Rowan Stranack

Appreciating the risk of spreading pests and diseases in seedcane some time ago, the industry included two clauses in the Sugar Industry Agreement (SIA) which require growers to have seedcane approved by their Local Pest Disease and Variety Control Committee (LPD&VCC), prior to use or sale or movement.

The purpose of these two clauses was to ensure that growers either establish their own seedcane nurseries, OR that they arrange to purchase their seedcane from a LPD&VCC registered co-operator by the year 2023.

Nurseries that produce seedcane should be managed well so as to create the most favourable conditions for optimum growth. In turn, good management will result in healthy seedcane that will be used to establish a healthy commercial crop. 

Apart from the contribution to biosecurity, planting good quality, clean seedcane from a properly regulated seedcane nursery makes sound agronomic and economic sense. Benefits include varietal purity, good germination and a healthy, vigorous crop which is likely to be productive for many ratoons. Planting clean seedcane also ensures that the industry is protected from the financial losses caused by pest and disease incursions.

The process of producing certified and approved seedcane

Planning seedcane production needs to start at least two years before the seedcane is actually required for planting into commercial fields. Seedcane can take one of three forms: whole-stick seedcane, transplants or NovaCane®.

The choice of which form of seedcane to use is generally based on availability, ease of handling, labour requirements, quantities required and the intended purpose of the seedcane.

The process starts with Certified Seedcane. This is the nucleus seedcane material from which Approved Seedcane Nurseries (previously either second stage or farm nurseries) are established. These in turn produce the seedcane to plant commercial fields of sugarcane.

In some areas of the industry, Certified Seedcane is produced by individual co-operators or in a dedicated central nursery facility such as the Sezela Transplant Nursery, or in large seedcane mother blocks such as in the Lowveld or the Maidstone Seedcane Scheme.

Left (Top): NovaCane® plantlets produced by tissue culture laboratories. Right(Above): Seedcane undergoing hot water treatment.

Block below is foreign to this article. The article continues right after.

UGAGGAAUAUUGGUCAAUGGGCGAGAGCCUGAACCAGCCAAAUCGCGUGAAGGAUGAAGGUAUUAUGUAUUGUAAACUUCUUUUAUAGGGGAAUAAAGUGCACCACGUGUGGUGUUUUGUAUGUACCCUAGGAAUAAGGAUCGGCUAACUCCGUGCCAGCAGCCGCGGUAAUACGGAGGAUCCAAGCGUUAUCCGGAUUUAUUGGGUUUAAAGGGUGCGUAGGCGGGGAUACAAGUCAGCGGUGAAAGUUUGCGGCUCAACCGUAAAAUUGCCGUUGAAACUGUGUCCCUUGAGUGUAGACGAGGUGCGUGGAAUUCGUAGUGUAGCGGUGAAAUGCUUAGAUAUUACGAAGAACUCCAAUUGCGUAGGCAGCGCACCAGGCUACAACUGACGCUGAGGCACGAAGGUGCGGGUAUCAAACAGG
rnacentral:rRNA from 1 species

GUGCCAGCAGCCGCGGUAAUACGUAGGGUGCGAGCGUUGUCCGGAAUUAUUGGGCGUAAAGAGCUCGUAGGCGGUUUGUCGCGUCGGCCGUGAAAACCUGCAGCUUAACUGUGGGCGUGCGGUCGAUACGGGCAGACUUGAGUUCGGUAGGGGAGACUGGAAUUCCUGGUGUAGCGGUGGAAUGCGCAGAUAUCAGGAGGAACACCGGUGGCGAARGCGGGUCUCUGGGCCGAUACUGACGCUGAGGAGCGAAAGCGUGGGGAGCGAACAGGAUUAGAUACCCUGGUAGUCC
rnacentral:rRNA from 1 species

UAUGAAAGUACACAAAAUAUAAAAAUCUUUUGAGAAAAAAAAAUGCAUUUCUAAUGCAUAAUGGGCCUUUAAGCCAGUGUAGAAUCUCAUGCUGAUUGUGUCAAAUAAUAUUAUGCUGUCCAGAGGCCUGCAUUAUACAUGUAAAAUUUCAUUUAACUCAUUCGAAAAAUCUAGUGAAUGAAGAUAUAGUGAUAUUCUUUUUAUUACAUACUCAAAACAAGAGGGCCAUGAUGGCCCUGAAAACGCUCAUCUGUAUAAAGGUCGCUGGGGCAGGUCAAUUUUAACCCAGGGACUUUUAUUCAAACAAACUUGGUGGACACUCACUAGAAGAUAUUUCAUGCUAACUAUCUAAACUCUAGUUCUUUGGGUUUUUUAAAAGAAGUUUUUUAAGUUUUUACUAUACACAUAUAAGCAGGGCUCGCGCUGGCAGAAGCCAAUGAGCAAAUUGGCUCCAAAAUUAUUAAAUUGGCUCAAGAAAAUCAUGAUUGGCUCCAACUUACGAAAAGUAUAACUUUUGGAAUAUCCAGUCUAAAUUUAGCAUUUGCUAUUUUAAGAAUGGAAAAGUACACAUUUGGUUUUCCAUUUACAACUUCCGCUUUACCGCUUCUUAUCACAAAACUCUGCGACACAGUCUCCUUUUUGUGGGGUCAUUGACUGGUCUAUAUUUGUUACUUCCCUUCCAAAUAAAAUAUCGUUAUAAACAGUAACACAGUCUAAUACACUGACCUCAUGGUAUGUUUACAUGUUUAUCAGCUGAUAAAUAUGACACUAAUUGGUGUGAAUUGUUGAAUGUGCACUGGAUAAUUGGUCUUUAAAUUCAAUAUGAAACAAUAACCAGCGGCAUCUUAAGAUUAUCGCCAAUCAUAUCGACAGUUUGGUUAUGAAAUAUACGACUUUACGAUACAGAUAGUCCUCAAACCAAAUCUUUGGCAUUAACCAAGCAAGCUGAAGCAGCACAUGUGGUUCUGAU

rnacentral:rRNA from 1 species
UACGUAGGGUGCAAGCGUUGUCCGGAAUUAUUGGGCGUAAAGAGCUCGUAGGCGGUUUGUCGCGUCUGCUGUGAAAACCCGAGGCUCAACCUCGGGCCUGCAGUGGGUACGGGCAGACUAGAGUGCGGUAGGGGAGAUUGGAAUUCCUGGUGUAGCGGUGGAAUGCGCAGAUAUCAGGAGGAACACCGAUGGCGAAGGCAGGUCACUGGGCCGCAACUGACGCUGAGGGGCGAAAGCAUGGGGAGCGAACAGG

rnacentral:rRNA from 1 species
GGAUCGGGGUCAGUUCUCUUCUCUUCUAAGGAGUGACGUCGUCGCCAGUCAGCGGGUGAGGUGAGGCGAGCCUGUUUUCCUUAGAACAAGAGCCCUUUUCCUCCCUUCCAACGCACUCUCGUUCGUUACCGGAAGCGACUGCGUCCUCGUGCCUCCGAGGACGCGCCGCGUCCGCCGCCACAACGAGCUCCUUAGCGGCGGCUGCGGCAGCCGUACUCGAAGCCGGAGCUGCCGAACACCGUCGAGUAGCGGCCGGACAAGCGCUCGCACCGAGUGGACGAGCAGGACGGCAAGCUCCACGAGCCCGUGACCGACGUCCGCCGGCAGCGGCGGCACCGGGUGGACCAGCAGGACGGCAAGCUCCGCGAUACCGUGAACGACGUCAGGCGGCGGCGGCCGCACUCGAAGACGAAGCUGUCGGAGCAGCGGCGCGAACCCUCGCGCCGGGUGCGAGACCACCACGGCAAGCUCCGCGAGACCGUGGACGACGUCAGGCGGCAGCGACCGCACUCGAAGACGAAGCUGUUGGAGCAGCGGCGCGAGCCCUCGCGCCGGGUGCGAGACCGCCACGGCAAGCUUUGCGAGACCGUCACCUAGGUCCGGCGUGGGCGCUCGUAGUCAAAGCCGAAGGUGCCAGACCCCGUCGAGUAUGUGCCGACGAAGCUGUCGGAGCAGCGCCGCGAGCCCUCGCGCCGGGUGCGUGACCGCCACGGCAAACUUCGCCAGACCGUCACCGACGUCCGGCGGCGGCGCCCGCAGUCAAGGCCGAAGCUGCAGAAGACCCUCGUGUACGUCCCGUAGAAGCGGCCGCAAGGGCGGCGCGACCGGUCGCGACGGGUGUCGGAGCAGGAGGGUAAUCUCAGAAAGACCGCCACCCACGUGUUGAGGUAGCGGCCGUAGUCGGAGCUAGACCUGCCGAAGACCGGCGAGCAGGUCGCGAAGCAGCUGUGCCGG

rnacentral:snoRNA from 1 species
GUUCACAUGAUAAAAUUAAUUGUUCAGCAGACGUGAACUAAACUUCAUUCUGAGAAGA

Individual growers may establish their own Certified Nurseries on their farms if they have their own heat-treatment tanks, or access to one nearby. In most instances however, growers tend to leave the production of Certified Seedcane to co-operators or other centralised operations and prefer to purchase Certified Seedcane to plant their Approved Nurseries.

The establishment of a nursery needs to start with the identification of a potential nursery site, at least one year in advance. This is a vital requirement since all Certified and Approved nurseries need to be registered with the Local Pest Disease and Variety Control Committee and fallow period inspections carried out. Once planted nurseries are subject to a number of inspections to ensure that all off-types and diseased stools are eradicated.   

Where to from here?

Over the next four years, growers will have to decide which of the following three options they will use to ensure they get the seedcane they require:

Option 1 - Produce Certified and Approved Seedcane themselves.

Option 2 - Source their Certified Seedcane from a local LPD&VCC registered co-operator, or from a seedcane facility such as a transplant nursery for planting an Approved Nursery on their farm; or

Option 3 - Source their Approved Seedcane for planting commercial fields from a fellow grower.

For more detailed information on seedcane production, consult the Seedcane Production bulletin published by SASRI.

Also see The Link (January 2019) special edition magazine focussing solely on the 2023 seedcane regulation.

Rowan Stranack

Rowan is Extension and Biosecurity Manager at SASR